Better Technology, Better Briefs

By: Professor Joe Regalia (UNLV)

“We’re not like computers,” explains psychologist Tom Stafford, who studies typos at the University of Sheffield. Our brains are not wired to pick up every detail, at least not without enormous work. Editing right takes forever. Some say that it should take as long to edit as it does to draft. A busy lawyer (or law student) may not have time for that.

We have two problems: (1) We can’t catch everything when editing our own stuff, and (2) even if we could, we don’t have the time.

These are problems for all lawyers. And so as a law professor, I spend a lot of time trying to help my students work through the same problems. One solution that I have turned to is technology—and most recently, Ross Guberman’s BriefCatch.

BriefCatch is a Word plugin that offers detailed editing feedback on legal writing. BriefCatch is something different from programs like Grammarly. Because BriefCatch is made for legal writing. It helps you spot more than grammar. Instead, it provides live editing suggestions on your legal prose, ranging from citation advice to wordsmithing recommendations and persuasive writing tips.

For legal writing teachers, BriefCatch could be a game-changer. We all lament how much law students and young lawyers struggle with basic writing style. Now, for the first time, we have a tool that can help students train legal writing techniques using their own writing.

That all sounds good, but I wanted to put it to the test. So several law professors and I created a working group to incorporate BriefCatch into first-year legal writing curriculum. Our goal was to use the tool to help students train many of the basic writing-style techniques that we don’t have time to drill in class.

Each week, along with their substantive writing work, students were asked to run BriefCatch on their assignment and to pay attention to a single type of editing recommendation. They recorded on a chart how many times the tool recommended that type of edit and how often the student agreed with it. The next week, students did the same thing but with a new type of edit.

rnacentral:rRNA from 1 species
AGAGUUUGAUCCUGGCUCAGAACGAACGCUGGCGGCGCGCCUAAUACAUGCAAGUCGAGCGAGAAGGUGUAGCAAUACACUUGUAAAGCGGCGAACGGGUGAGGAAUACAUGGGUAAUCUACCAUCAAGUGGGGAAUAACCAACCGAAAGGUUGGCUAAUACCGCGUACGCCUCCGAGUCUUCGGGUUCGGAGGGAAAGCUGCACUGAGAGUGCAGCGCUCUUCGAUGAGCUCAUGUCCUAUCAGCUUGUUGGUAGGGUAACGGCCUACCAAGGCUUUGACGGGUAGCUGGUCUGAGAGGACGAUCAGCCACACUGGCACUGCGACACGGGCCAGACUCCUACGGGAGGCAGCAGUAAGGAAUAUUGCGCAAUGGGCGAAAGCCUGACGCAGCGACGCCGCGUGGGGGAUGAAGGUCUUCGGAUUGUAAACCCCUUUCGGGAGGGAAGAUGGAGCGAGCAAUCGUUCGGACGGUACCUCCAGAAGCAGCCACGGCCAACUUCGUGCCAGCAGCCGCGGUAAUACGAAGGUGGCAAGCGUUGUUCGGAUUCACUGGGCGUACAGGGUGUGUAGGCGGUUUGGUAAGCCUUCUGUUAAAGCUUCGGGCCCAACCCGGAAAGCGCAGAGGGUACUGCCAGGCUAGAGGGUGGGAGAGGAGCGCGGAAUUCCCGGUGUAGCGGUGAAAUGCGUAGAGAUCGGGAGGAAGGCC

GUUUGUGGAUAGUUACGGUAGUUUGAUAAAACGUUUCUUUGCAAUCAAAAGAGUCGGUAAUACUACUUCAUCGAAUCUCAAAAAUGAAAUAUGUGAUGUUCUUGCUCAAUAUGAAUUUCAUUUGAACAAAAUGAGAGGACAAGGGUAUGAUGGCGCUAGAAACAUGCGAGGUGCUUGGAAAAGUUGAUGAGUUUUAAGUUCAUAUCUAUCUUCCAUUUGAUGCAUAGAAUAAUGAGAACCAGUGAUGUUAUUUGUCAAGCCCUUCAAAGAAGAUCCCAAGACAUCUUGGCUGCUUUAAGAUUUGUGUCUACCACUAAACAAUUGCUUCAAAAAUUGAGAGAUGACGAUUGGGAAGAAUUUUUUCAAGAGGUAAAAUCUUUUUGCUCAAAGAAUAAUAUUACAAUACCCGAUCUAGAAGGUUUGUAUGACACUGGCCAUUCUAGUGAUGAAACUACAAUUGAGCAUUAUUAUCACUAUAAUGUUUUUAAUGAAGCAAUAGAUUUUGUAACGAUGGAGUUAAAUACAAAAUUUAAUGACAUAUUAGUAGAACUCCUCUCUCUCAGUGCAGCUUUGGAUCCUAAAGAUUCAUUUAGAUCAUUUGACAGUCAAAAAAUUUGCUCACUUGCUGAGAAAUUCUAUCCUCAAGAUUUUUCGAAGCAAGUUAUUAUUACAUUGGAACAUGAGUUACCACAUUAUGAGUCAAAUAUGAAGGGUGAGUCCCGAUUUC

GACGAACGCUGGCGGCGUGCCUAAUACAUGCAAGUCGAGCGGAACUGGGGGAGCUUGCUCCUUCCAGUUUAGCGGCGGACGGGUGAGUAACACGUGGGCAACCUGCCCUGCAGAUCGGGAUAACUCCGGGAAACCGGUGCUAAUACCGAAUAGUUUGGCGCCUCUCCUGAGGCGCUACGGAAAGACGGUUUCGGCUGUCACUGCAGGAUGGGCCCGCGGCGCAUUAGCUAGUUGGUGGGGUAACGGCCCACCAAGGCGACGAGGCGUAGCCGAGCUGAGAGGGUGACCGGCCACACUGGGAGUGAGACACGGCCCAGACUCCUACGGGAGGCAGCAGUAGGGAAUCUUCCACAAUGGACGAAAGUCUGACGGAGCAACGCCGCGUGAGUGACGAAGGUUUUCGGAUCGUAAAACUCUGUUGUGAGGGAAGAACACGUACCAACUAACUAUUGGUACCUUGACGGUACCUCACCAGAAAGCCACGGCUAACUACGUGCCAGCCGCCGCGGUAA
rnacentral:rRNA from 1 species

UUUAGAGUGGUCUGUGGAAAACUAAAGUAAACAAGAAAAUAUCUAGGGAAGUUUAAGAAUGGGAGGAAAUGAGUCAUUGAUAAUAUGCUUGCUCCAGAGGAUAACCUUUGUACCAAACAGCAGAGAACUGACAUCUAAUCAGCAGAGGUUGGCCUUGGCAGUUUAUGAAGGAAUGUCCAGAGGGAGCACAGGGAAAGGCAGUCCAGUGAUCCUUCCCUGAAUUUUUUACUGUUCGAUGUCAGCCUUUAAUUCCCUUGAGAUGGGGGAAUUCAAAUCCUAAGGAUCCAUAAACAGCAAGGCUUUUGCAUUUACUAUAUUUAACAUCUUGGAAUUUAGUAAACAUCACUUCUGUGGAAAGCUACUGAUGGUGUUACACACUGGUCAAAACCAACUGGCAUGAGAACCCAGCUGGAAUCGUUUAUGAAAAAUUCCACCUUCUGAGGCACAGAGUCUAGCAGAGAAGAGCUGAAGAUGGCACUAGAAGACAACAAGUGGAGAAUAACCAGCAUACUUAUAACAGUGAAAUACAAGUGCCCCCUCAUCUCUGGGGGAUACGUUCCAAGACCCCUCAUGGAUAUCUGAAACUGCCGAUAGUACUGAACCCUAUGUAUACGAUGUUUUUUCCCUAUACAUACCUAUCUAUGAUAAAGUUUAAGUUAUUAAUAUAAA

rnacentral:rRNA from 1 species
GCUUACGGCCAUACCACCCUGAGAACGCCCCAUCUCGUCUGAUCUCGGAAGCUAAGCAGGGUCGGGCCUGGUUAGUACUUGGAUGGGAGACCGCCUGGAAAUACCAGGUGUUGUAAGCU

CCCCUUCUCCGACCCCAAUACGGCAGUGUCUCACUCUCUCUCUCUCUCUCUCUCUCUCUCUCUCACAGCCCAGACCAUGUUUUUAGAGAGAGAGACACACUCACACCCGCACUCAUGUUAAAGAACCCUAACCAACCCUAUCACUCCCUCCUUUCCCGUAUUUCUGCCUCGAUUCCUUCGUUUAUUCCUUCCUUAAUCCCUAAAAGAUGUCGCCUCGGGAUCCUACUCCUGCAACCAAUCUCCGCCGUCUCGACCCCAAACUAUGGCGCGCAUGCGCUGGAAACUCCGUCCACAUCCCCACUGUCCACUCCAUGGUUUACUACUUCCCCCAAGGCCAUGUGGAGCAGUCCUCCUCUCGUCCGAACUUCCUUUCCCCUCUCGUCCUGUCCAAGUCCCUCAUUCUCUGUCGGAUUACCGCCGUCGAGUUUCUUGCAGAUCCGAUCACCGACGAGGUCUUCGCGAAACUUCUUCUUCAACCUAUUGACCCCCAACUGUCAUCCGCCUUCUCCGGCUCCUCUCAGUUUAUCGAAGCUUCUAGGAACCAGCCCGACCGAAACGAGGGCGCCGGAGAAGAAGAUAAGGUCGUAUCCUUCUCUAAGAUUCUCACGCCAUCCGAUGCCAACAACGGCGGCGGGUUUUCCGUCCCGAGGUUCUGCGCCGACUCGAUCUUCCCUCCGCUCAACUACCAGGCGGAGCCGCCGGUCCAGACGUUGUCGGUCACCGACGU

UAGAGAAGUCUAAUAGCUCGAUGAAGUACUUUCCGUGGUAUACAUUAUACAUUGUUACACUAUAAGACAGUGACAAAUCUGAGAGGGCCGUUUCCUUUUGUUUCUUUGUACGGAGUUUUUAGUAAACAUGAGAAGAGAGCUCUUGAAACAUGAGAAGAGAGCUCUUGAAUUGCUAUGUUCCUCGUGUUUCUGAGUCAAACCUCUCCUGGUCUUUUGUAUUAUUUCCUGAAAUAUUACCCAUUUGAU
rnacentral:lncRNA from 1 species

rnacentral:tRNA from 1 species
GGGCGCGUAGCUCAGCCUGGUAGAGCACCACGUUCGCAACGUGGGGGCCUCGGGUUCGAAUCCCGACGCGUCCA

Feedback from both the professors and students has been overwhelmingly positive. Students love that they can use the tool at their own pace. They love when they find new suggestions for word choice. And best of all, because they are the ones using the tool and calling the shots, they are learning to use these techniques themselves.

Of course, BriefCatch can’t replace a good writing teacher or a good editor. Tools like this are a powerful supplement to help train and spot style techniques; they are not meant to teach aspiring lawyers how to put together the meat of a brief.

But that’s the beauty of a tool like BriefCatch: it lets professors devote time and energy to what we do best while shoring up our students’ skills in ways they don’t even realize.

How do you use technology to improve your students’ legal writing skills? Share your good ideas at TeachLawBetter.com, and we might just post them.

 

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Making the Grade

By: Prof. Abigail Perdue 

I recently had the pleasure of chatting with a wonderful colleague who is teaching Legal Writing for the very first time. She had just released Memo One grades to her anxious 1Ls. During the conversation that ensued, I shared with her several things I wish I’d known as a first-year professor that specifically pertain to grading – lessons that I’ve sometimes had to learn the hard way through the years. Here are just a few:
Continue reading “Making the Grade”

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Is Law School Really Like the Hunger Games?

By: Professor Heather Gram (Wake Forest Law)